XKCD: Congressional Ideologies

I love XKCD.  Here, he has graphed the DW-Nominate scores for both chambers of our Congress.  Check out the full size version:

The DW-NOMINATE data set is a treasure, and I’d been planning on doing something similar to this graph to follow my Supreme Court post.  But since he’s already done all the hard work, let me just make a few observations:


Take careful note of the way the parties have changed since Nixon.  Not only have the conservatives and liberals fully sorted themselves into the two parties, the centrists of each party (shown by the lighter color) have been displaced by the extremes (the darker colors).  This is especially apparent among the House Republicans, where that deep dark red took over swiftly beginning in the 1990s.

There can be no doubt that this trend is a failing of our republic.  It’s a political failure, instigated intentionally by folks like Pat Buchanan who started as an advisor to Nixon.  It’s a media failure, brought on by the way technology has replaced a unified national discussion with a fractured ideological one.  And it’s an institutional failure, seen in the corrupted redistricting of House seats and the incentives to abuse every one of the numerous veto points in our legislative process.

The Historical Switch of Left and Right

On a historical note, let me say that I do not agree with DW-NOMINATE’s classification of right and left in the first three party systems.  I, for one, strongly associate myself with the Washington Administration, not the anti-federalists; with Hamilton, not Jefferson; with Henry Clay and Daniel Webster, not Andrew Jackson; with Lincoln; and with the Progressives of Teddy Roosevelt, not the Populists of William Jennings Bryan.  In each of these cases, I think that yesterday’s left has become today’s right, and yesterday’s right the left.

But maybe it’s just that my tribal affiliation with the North is stronger than my partisan affiliation?  Does anyone else see the left/right switch in the same way I do?


2 thoughts on “XKCD: Congressional Ideologies

  1. Pingback: Ideology in the 113th Congress | PolityMaking

  2. Interesting idea. I’m exactly the opposite – Jefferson/Bourbon Democrat up through Grover Cleveland (with brief sojourns as conservative Whigs and Republicans under Jackson and Lincoln, respectively), conservative, anti-Bryan, Democratic-leaning swing voter through 1932, then firm Republican. I have to commend DW-Nominate for not setting an arbitrary date for a 180-shift, though. It’s a purely statistical technique, and it does a marvelous job of defining that slippery quintessence “Republicanism” at a consistent +1.0. That’s all we can really ask for, without going far beyond two dimensions.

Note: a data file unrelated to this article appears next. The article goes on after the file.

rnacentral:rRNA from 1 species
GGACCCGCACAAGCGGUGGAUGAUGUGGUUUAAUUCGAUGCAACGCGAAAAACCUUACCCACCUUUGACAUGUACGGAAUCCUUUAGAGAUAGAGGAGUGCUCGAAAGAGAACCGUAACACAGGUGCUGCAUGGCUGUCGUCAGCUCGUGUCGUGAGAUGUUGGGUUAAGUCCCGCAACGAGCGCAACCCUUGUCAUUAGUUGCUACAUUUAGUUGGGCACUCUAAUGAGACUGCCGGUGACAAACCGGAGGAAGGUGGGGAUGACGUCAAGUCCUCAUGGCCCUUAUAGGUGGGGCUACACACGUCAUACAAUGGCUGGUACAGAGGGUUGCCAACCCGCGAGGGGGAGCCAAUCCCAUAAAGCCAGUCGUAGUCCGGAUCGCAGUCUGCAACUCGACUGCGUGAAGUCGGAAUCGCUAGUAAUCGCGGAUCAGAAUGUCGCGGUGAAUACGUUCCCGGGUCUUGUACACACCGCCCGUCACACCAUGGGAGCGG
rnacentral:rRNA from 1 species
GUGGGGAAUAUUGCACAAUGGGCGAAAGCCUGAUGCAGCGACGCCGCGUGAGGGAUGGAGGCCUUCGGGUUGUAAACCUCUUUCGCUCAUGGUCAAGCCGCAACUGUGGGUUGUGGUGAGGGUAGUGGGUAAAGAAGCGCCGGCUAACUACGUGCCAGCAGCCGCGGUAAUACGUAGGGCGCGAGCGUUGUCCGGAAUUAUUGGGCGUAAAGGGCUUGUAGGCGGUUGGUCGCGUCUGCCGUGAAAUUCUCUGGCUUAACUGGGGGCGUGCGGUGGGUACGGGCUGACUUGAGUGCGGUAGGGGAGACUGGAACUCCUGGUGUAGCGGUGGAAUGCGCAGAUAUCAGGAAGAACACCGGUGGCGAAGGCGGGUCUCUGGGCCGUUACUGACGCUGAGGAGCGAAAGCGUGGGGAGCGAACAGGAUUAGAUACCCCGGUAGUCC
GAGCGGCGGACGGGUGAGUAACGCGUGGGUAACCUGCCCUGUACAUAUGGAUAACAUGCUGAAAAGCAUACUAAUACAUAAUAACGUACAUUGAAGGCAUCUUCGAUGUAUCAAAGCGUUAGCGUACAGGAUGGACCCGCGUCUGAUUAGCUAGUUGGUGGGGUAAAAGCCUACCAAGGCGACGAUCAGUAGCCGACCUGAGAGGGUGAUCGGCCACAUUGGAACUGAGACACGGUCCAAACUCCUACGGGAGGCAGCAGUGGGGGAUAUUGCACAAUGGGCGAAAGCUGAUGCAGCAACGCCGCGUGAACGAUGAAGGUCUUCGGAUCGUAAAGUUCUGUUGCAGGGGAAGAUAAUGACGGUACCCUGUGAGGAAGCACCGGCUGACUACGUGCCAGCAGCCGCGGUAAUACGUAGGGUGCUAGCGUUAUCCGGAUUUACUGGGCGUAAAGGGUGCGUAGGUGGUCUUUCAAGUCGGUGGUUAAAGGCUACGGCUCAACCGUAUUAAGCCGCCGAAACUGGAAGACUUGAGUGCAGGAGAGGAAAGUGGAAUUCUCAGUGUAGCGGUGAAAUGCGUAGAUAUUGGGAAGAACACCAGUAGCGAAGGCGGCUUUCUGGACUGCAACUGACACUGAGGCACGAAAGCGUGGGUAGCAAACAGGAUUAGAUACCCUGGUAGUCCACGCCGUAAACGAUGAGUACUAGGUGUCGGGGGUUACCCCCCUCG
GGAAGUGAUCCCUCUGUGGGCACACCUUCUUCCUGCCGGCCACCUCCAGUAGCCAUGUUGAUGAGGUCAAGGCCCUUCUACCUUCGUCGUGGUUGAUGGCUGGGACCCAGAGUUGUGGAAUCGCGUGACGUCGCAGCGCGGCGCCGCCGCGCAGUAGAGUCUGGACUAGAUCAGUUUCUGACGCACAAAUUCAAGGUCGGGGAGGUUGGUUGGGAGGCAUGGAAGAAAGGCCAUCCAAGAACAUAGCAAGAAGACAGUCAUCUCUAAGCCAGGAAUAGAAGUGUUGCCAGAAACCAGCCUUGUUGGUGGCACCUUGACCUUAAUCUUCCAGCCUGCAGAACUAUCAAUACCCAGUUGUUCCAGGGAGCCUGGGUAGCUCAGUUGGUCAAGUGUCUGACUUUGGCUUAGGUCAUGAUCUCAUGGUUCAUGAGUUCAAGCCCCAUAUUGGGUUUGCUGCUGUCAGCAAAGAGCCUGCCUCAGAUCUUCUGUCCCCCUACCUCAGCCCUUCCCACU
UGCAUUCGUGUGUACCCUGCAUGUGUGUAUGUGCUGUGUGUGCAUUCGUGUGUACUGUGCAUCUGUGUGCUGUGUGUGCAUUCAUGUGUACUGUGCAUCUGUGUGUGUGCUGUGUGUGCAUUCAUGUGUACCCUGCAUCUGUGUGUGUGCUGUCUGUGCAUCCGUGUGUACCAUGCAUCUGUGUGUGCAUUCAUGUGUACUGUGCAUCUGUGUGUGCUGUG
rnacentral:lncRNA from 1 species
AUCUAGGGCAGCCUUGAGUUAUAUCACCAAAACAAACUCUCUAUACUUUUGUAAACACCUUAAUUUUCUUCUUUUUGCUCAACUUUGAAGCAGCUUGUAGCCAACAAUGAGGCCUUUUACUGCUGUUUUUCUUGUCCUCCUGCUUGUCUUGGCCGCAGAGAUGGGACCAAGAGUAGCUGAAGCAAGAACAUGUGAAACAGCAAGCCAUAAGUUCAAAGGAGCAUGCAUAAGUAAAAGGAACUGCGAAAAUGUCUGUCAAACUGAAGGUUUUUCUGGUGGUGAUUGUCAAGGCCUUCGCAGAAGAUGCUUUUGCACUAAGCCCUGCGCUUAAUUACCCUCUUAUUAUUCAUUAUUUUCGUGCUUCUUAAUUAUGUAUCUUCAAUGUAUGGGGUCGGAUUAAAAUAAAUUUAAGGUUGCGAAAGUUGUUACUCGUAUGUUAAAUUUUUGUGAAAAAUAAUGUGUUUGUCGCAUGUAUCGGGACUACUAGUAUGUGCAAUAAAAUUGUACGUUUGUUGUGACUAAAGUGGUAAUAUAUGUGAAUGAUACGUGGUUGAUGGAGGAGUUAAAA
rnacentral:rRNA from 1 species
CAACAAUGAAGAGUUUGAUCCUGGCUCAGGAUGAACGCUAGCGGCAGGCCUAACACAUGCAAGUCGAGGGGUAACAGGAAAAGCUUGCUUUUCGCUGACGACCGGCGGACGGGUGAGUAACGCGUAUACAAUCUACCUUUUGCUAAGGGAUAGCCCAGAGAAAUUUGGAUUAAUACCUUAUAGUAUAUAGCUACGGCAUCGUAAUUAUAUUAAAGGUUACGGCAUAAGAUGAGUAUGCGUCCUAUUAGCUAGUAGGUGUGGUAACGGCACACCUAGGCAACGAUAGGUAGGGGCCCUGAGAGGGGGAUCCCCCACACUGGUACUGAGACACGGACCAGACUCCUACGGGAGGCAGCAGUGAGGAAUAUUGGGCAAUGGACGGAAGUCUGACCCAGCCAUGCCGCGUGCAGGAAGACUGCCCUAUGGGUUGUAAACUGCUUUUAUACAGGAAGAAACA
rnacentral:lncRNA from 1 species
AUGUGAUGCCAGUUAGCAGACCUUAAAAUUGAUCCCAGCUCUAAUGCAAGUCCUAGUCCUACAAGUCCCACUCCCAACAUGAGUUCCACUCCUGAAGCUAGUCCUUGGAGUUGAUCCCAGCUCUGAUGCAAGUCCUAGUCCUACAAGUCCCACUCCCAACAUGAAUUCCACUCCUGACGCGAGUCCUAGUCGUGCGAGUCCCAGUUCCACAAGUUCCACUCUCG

As to the broader point, it’s definitely true as a sociological trend (Yankees, Blacks, civil servants, and the liberal gentry vs. Southerners, alienated rural/exurban yeomen, and the economic sectors that are most hurt by big government, from antebellum tariffs to modern regulation), and to the extent culture is the shadow of sociology, it’s also a cultural trend. But as much as it’s as simple as that, on the flip-side, it’s also a lot more complicated than that. For instance, you can see definite echoes of both the Fire-Eaters and the Radical abolitionists in the Tea Party (look at Ron Paul – combines the both). And look at the Religious Right. “Rum, Rebellion, and Romanism” fundamentalists joining hand-in-hand with Catholic traditionalists against the secular liberalism that once ran through the heart of both parties.

    Culture is a beautiful thing. Organic trends set the stage, political expediency molds the coalitions, and, here’s the thing, people actually convince themselves that their accidental vote-buddies are the proverbial “us” in the great cosmic “us vs. them.” How much of the Southern realignment was simple regional animus against a port-listing Northeast? How much was cynical conservative race-baiting? How much was the re-emergence of the old Scotch-Irish spirit? How much was the industrialization of the Sunbelt? And how much of it was a genuine shift to the libertarian right, catalyzed by years of conservative Northern migrants with whom they shared a common disgust for liberal overreach?

    And to today’s liberals: how much of your ideology is simple patrician disgust at the unwashed who define the popular image of the Tea Party? How much is genuine philosophical conviction? And how much are the two intertwined? Be honest now.

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